For women included in this study, the effects of violence perpetrated by an intimate partner were concentrated in the emotional and psychological domains of health despite the apparent physical effects of abuse. Fear, control and power played significant roles in women's negative outcomes from IPV. Furthermore, children's experience of witnessing IPV had a significant impact on their mothers' HRQOL, beyond the effect on the children themselves. Existing preference-based measures of HRQOL focus more on the physical domains of health than the emotional and psychological domains, contrary to those which were most severely affected among the women in our study. The importance of children's quality of life to these mothers' HRQOL suggests the need for a wider conception or definition of HRQOL, possibly focusing on the family unit as a whole[23, 24]. Measures of HRQOL developed for physical illnesses may underestimate the effect of IPV for some women, and resource decisions made on this basis may possibly be misguided. To adequately capture the HRQOL impact of IPV for these women, HRQOL measures may need to include greater and broader focus on psychological outcomes, or possibly focus on holistic measures that include all aspects of self-perceived quality of life.
Generic HRQOL instruments are extremely valuable because of their ease of use and adaptation to many varying conditions. Preference-based measures of HRQOL are particularly important because of their role in economic evaluations upon which resource allocation decisions are often based. The benefit attributed to particular interventions is oftentimes measured with preference-based measures of HRQOL, meaning that accurate assessment of benefits is dependent upon accurate measurement instruments. In this context, the decision to allocate resources to IPV prevention or intervention efforts may hinge upon accurate measurement of the impact of IPV on quality of life and hence the benefit that would accrue from preventing or intervening in violence. While many of the existing preference-based HRQOL instruments were originally designed to measure the effect of medical conditions (e.g., ), they have been adopted for more general use because of their ease of use and comparability across conditions. The prevalent use of these measures requires that they be considered for a broader range of uses than may have been originally intended, including non-medical conditions such as IPV, and that they be adapted accordingly.
Researchers measuring HRQOL for any purpose should take care to choose measures that encapsulate the entirely of impact of a condition on health, and define health in an appropriate way for the condition under consideration. The domains specified by each instrument define the aspects of life that are included and excluded in that assessment of HRQOL. When choosing among instruments, researchers should consider the aspects of health and life that are expected be affected by a condition. Notice should also be taken of the more general or holistic elements included in some instruments, such as the visual analog scale in the EuroQol and the general health measure in the SF-36, which may capture aspects of health not otherwise included in specified domains. These general measures may also be considered as a validity check of other domains included in a composite measure, or to inform the more subjective aspects of HRQOL. Our results suggest that for at least some women, measuring the effect of IPV on HRQOL may require a broader definition of health than is included in commonly-used, preference-based measures of HRQOL in order to adequately capture the entirely of their experience. Other health conditions may have similar impacts on aspects of life and health that are not included in generic HRQOL measures, and should be explored to obtain unbiased estimates of the burden of the condition/disease on those affected.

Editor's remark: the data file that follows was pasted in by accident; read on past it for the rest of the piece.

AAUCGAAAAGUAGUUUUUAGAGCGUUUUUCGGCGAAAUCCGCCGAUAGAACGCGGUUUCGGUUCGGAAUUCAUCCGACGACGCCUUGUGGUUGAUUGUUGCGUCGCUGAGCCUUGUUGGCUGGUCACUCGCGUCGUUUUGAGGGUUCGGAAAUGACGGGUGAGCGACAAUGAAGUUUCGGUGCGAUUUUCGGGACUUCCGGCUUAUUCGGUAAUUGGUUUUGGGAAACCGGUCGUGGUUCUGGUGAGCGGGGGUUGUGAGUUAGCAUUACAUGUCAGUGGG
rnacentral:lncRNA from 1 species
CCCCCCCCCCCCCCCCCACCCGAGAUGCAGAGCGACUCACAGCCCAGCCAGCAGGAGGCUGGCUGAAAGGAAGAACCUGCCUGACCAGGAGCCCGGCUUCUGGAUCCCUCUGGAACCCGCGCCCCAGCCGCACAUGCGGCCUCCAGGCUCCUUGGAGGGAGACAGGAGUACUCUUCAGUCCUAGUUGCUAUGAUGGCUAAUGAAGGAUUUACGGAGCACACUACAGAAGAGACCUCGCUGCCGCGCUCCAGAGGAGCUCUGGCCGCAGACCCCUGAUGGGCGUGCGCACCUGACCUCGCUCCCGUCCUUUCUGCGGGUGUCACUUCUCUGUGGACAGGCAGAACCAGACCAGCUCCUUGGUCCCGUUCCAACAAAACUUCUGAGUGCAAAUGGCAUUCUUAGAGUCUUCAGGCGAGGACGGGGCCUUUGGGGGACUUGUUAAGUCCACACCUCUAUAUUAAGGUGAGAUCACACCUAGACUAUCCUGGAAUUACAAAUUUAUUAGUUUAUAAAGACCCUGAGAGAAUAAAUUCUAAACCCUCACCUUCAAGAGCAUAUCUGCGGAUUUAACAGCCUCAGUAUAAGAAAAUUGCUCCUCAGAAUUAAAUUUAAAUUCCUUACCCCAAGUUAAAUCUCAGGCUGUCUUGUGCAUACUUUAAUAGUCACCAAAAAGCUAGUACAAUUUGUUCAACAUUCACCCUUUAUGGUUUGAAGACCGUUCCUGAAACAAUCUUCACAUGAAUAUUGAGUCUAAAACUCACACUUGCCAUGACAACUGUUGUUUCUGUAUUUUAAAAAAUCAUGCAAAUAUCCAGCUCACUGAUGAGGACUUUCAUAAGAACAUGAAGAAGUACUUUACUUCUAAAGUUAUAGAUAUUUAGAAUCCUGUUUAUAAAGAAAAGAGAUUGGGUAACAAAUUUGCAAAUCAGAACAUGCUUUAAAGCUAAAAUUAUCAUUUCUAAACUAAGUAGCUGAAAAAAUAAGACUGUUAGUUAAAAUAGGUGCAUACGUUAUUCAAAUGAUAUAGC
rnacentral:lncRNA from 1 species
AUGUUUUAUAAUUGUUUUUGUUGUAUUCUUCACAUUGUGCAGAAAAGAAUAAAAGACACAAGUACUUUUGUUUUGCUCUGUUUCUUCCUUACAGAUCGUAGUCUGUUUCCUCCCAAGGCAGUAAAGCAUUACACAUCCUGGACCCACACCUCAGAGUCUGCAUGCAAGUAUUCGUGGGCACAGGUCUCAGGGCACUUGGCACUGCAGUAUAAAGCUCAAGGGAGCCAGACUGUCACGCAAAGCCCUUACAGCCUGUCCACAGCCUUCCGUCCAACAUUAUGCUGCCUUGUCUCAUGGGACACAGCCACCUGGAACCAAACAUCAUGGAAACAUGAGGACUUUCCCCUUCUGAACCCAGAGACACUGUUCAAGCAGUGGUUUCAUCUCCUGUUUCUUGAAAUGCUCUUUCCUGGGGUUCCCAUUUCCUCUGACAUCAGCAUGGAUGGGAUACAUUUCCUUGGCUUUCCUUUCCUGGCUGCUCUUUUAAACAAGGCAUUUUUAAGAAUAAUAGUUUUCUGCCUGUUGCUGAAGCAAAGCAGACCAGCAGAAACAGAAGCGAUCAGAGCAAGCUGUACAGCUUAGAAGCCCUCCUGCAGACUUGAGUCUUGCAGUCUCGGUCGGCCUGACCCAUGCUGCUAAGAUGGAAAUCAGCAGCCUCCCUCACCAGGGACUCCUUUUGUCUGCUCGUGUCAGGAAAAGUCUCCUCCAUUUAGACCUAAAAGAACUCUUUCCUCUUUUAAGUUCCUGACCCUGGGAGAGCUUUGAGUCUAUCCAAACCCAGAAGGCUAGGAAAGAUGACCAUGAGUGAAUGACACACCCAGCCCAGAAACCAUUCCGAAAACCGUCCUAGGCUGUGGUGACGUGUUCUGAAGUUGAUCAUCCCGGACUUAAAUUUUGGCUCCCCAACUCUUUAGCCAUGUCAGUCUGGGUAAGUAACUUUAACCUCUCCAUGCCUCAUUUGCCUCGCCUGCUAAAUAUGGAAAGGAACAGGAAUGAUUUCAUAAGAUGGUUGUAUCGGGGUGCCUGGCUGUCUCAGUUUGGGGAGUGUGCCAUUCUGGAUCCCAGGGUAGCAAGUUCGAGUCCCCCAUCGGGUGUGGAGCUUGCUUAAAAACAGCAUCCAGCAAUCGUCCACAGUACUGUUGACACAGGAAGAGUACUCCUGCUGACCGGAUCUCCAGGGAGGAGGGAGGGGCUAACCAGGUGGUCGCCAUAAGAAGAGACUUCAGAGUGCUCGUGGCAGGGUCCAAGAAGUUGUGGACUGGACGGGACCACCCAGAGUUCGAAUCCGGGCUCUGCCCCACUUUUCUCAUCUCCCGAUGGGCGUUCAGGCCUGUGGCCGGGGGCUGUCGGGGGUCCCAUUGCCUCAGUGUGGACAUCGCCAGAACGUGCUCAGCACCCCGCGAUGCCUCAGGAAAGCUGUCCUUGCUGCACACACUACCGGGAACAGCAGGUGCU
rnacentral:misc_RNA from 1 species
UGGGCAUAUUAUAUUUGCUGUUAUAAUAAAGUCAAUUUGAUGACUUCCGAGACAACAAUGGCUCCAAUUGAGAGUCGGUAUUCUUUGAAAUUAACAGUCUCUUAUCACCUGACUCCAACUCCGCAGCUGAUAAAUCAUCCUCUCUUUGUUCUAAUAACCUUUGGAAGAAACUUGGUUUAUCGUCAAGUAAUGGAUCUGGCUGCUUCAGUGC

Of particular note are the effects of health conditions on individuals surrounding the index person or patient, including family members and caretakers[23, 27]. Such effects are often difficult to measure, yet may make a significant contribution to the overall impact of a disease or condition. The "spillover" effect of children's health on their parents' quality of life is occasionally considered, as well as the effect of illness on siblings[23, 29]. Measurement of the indirect connection between parent and child HRQOL that we observed in our sample, in which the health of the woman affects the child which in turn further affects the woman, is unprecedented in HRQOL measures. Our observation of the significant impact of children's distress on their mother's HRQOL suggests the need for the inclusion of a new domain in the measurement of HRQOL in this context, and potentially in others as well.
It is important to acknowledge that the data on which this research is based has extraordinary richness but accordingly limited generalizability. We spoke with 40 women, mostly African American, from one urban area. It is not known whether the emotional and psychological impact of violence differs by race or geographic location, so our results must be considered in context and with caution. And though our data are self-reported and unconfirmed by objective measures, we believe that self-report bias would tend toward underreporting of abuse and the impact thereof, so our results might be considered a lower bound of the effect. The qualitative reports of HRQOL by women in our focus groups are consistent with their CTS and WEB scores, providing some internal consistency in our data. Nevertheless, further research on abused women and the range of effects of violence on their lives would be a welcome addition to the sparse literature on outcomes of IPV.